“Cradle-to-Grave” Legislation Covers Hazardous Wastes (Great Events from History II: Ecology and the Environment Series)
Article abstract: Congress passed the Resource Conservation and Recovery Act (RCRA), providing for the “cradle-to-grave” management of hazardous wastes in the United States.
Summary of Event
In 1976, the 94th Congress enacted the Resource Conservation and Recovery Act (RCRA), which proved to be the benchmark piece of legislation for the management of hazardous wastes. In June of that year, the Senate enacted its version, after which the House held hearings on the legislation. The House version eventually integrated the Senate’s version, and the bill passed by a vote of 367 to 8 and was signed by President Gerald R. Ford. The bill had a relatively short legislative history, and because of the limited time for debate and conference, the legislation was ambiguously formulated in many aspects. As a result, the bill would continue to be interpreted years after its passage.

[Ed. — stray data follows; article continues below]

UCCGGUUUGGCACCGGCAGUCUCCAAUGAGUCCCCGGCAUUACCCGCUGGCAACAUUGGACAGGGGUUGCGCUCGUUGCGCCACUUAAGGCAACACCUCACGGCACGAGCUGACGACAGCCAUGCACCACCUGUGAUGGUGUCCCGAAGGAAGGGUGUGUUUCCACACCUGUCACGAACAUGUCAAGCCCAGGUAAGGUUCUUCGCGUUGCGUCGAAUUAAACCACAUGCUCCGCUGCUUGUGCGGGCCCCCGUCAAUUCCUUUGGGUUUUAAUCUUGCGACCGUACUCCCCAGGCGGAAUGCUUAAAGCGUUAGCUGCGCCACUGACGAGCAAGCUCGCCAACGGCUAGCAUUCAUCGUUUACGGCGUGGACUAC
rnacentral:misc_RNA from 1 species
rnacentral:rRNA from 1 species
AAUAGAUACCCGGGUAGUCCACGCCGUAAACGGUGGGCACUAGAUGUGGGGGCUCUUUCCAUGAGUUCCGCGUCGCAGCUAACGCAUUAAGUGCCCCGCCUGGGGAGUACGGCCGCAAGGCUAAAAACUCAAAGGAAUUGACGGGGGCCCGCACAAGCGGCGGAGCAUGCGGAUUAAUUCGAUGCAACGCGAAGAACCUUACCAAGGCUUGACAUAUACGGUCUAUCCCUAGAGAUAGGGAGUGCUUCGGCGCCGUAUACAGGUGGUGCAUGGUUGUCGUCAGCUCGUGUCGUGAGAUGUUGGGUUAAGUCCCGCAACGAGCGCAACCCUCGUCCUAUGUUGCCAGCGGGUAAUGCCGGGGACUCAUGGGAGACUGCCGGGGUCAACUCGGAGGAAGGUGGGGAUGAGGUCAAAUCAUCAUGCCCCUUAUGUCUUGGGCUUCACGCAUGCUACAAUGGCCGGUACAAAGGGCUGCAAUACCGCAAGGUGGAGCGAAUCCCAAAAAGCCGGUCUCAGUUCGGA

The first amendments to the RCRA"the Quiet Communities Act of 1978 and the Solid Waste Disposal Act of 1980"did little to interpret the myriad aspects of the complex legislation. The Hazardous and Solid Waste Amendments of 1984 added many provisions that directed the Environmental Protection Agency (EPA) to develop new rules. The EPA was directed to develop regulations for waste generators and transporters and for facilities for treatment, storage, and disposal (TSD) that managed less than 1,000 kilograms (kg) of hazardous waste per...
(The entire section is 1427 words.)
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